a. Valid under state law (or would be but for the fact it has no corpus);

b. is or becomes irrevocable upon the death of the participant;

c. trust beneficiaries identifiable from the trust instrument; and

d. the IRA custodian/issuer or plan administrator is provided with either of the following and the participant must agree to provide a copy of any future amendment:

i. a copy of the trust; or

ii. a certified list of trust beneficiaries, including all contingent beneficiaries, with a description of the portion to which they are entitled and any conditions on their entitlement.

Therefore, a living trust or a sub-trust formed under it at death, may qualify as a Designated Beneficiary. Thus, a bypass, “B,” exemption, decedent’s, or whatever it is called trust, that receives the first assets of a deceased spouse up to his or her estate tax exemption (2002=$1,000,000), may receive the retirement benefits.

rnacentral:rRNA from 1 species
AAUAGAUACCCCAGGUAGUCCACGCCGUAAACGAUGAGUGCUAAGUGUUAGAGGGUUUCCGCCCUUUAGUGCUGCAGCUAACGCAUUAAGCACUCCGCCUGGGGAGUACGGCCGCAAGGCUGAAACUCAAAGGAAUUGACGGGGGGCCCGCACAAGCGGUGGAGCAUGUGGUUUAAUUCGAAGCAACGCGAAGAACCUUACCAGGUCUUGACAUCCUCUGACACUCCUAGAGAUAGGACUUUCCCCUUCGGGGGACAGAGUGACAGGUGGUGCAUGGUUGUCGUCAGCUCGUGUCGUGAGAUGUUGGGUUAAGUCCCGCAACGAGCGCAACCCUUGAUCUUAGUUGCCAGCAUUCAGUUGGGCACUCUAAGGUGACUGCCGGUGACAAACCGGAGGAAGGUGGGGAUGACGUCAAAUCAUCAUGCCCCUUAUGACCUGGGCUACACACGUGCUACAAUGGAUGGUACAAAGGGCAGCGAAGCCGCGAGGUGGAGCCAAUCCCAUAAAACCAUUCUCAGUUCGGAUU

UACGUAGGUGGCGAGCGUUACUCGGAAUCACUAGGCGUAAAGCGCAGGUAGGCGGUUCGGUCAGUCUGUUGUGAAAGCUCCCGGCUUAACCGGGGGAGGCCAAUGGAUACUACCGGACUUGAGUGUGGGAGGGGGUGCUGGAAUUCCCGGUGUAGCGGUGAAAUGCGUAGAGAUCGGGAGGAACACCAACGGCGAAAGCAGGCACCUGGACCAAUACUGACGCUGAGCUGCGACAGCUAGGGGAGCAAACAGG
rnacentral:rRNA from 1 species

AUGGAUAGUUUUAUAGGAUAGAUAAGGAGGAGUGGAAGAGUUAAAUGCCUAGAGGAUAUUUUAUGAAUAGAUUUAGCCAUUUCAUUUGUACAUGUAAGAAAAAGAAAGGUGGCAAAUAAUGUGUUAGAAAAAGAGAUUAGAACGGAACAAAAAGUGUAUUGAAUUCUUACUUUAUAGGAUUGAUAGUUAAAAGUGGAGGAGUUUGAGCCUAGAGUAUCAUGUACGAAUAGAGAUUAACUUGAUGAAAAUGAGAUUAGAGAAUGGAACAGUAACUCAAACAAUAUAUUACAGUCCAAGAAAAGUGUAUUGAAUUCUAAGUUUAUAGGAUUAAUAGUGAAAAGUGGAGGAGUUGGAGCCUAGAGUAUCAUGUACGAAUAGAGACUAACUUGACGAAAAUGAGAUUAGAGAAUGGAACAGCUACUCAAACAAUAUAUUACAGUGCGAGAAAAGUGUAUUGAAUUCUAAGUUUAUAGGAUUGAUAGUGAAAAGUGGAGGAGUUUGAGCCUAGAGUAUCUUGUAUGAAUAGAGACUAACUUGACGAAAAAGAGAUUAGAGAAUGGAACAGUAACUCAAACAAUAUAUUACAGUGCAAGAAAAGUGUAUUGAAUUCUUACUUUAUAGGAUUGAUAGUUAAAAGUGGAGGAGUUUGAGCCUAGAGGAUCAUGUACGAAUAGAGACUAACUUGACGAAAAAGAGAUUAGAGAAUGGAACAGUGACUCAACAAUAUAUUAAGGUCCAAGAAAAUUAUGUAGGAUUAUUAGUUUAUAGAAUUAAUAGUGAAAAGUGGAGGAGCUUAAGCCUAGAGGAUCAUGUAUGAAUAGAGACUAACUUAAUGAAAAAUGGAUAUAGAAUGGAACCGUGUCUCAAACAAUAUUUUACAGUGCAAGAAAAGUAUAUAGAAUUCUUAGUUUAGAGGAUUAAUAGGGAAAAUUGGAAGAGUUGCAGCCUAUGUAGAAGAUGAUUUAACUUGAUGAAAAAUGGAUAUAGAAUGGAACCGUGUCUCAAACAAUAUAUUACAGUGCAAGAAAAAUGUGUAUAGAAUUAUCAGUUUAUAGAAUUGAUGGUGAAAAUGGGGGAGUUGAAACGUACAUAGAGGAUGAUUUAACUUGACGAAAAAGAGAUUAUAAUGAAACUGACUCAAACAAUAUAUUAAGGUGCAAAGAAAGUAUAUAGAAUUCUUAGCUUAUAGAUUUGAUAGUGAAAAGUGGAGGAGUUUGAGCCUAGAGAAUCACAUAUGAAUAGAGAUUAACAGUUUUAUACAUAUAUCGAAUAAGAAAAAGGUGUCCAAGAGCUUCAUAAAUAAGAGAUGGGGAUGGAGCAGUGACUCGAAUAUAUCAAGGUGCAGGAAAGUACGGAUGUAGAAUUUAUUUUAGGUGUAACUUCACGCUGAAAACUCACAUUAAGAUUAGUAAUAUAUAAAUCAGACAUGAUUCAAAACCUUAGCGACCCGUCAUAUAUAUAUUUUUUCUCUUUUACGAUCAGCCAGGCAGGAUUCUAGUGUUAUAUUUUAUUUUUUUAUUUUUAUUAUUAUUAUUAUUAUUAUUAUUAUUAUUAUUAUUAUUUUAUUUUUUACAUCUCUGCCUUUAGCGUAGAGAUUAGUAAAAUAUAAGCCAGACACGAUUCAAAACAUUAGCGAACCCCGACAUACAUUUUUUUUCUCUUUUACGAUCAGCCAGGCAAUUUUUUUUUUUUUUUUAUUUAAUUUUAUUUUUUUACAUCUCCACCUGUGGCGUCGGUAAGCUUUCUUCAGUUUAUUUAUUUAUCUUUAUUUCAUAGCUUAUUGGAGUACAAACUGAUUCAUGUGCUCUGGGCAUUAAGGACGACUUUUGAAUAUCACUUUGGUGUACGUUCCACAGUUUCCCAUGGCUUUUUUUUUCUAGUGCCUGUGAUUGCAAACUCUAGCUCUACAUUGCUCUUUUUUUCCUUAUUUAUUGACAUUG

Note: either (1) the final updated trust instrument or (2) a final certification of trust beneficiaries must be provided to the plan administrator within nine months of death of the participant.

How Can I Find Out More?

To learn more about irrevocable trusts for retirement plans, or if you would like a free consultation to learn if this type of irrevocable trust is right for you, please do not hesitate to contact us at (805) 482-2282, or e-mail us at